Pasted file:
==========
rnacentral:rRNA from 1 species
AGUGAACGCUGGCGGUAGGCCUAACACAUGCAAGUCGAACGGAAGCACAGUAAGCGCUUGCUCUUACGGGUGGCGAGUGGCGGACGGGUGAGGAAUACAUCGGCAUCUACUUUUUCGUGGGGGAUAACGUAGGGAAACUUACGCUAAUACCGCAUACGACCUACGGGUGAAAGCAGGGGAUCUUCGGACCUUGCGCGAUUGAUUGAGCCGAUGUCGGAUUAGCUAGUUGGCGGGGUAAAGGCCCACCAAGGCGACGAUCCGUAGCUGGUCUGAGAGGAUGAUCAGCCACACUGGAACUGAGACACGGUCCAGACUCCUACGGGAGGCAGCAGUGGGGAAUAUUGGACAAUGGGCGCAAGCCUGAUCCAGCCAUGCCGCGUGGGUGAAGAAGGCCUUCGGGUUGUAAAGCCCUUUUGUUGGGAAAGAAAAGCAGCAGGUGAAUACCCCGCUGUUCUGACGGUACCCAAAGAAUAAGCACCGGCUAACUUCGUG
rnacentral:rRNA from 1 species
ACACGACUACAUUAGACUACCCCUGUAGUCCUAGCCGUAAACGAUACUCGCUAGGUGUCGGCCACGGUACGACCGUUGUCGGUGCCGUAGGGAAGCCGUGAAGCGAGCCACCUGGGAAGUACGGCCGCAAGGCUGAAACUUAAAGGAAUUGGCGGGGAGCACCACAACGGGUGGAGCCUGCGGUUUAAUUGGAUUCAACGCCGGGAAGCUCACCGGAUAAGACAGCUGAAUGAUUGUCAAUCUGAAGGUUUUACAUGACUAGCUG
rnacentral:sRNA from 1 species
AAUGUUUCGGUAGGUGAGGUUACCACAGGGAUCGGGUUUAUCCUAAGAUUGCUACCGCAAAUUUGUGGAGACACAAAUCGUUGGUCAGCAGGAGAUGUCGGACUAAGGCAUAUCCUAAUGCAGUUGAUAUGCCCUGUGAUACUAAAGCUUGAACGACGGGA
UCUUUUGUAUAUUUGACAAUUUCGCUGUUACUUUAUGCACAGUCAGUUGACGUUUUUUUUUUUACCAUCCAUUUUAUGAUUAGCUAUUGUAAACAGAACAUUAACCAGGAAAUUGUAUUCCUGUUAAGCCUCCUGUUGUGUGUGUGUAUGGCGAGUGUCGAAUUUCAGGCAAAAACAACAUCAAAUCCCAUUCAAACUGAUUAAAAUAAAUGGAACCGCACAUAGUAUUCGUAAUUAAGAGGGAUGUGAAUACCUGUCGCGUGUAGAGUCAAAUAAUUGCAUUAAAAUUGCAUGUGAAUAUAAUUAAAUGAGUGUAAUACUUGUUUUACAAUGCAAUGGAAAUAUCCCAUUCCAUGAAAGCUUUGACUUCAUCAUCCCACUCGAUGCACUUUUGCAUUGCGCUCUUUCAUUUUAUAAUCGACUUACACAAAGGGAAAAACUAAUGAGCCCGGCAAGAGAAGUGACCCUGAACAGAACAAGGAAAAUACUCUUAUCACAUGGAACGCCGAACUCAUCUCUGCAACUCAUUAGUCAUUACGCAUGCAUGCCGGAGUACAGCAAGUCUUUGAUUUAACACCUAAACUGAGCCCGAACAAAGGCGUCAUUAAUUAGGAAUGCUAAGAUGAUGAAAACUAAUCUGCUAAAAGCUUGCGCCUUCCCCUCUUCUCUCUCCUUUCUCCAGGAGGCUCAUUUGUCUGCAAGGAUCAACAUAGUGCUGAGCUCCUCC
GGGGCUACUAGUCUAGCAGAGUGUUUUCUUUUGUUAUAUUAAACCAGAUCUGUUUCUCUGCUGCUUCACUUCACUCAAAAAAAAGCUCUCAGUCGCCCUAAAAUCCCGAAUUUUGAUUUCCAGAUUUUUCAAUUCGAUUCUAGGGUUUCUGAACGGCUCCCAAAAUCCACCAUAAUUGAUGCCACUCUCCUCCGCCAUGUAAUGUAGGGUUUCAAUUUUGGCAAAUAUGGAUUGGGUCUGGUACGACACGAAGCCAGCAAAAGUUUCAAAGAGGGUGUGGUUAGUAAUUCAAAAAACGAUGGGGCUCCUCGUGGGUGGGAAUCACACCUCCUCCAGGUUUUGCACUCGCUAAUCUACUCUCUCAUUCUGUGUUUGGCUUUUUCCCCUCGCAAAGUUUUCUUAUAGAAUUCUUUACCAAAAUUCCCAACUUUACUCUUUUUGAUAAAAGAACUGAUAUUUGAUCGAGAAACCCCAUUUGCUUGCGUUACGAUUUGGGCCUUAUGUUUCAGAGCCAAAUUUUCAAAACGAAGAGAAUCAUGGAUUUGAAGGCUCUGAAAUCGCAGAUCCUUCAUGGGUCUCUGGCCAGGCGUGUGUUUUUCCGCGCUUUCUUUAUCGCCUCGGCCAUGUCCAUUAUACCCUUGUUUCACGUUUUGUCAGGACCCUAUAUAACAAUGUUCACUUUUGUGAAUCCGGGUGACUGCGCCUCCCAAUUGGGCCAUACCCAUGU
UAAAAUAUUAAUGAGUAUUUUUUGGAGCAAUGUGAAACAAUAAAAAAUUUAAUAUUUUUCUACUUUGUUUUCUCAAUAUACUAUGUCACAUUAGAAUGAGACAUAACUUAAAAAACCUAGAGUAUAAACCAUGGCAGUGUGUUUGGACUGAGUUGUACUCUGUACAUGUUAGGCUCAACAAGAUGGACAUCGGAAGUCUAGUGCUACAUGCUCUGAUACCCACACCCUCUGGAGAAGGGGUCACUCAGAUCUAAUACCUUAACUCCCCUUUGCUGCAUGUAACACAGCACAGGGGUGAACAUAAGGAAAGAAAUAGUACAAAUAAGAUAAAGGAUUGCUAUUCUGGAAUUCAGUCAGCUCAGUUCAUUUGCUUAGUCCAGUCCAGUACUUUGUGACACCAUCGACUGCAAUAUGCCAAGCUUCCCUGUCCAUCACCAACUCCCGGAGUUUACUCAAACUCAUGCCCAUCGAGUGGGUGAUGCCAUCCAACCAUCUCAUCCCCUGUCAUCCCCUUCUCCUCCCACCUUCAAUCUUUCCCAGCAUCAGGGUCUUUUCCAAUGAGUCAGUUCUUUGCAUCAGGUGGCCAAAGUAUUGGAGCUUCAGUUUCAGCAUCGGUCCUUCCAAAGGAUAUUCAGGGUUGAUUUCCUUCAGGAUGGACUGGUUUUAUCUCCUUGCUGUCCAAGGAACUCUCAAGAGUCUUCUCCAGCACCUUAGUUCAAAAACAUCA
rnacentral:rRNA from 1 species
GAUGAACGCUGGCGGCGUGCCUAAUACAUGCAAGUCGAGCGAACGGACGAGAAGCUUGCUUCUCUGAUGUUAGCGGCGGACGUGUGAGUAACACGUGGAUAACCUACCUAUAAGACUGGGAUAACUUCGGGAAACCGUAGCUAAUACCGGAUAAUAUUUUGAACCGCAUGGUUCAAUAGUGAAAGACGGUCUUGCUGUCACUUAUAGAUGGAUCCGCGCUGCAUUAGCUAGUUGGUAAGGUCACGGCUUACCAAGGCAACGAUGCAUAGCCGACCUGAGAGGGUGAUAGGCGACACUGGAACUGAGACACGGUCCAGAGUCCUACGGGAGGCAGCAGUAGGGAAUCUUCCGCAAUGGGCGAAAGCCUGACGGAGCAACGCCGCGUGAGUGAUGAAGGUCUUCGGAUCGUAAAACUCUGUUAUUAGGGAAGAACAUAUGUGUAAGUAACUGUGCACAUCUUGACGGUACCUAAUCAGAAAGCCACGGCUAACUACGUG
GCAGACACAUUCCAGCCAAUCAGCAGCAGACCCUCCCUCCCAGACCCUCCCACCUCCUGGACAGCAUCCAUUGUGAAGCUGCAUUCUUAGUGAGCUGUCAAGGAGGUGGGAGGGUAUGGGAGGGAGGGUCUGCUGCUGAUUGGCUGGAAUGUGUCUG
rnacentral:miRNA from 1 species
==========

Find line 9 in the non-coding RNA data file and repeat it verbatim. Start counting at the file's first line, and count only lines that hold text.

UAAAAUAUUAAUGAGUAUUUUUUGGAGCAAUGUGAAACAAUAAAAAAUUUAAUAUUUUUCUACUUUGUUUUCUCAAUAUACUAUGUCACAUUAGAAUGAGACAUAACUUAAAAAACCUAGAGUAUAAACCAUGGCAGUGUGUUUGGACUGAGUUGUACUCUGUACAUGUUAGGCUCAACAAGAUGGACAUCGGAAGUCUAGUGCUACAUGCUCUGAUACCCACACCCUCUGGAGAAGGGGUCACUCAGAUCUAAUACCUUAACUCCCCUUUGCUGCAUGUAACACAGCACAGGGGUGAACAUAAGGAAAGAAAUAGUACAAAUAAGAUAAAGGAUUGCUAUUCUGGAAUUCAGUCAGCUCAGUUCAUUUGCUUAGUCCAGUCCAGUACUUUGUGACACCAUCGACUGCAAUAUGCCAAGCUUCCCUGUCCAUCACCAACUCCCGGAGUUUACUCAAACUCAUGCCCAUCGAGUGGGUGAUGCCAUCCAACCAUCUCAUCCCCUGUCAUCCCCUUCUCCUCCCACCUUCAAUCUUUCCCAGCAUCAGGGUCUUUUCCAAUGAGUCAGUUCUUUGCAUCAGGUGGCCAAAGUAUUGGAGCUUCAGUUUCAGCAUCGGUCCUUCCAAAGGAUAUUCAGGGUUGAUUUCCUUCAGGAUGGACUGGUUUUAUCUCCUUGCUGUCCAAGGAACUCUCAAGAGUCUUCUCCAGCACCUUAGUUCAAAAACAUCA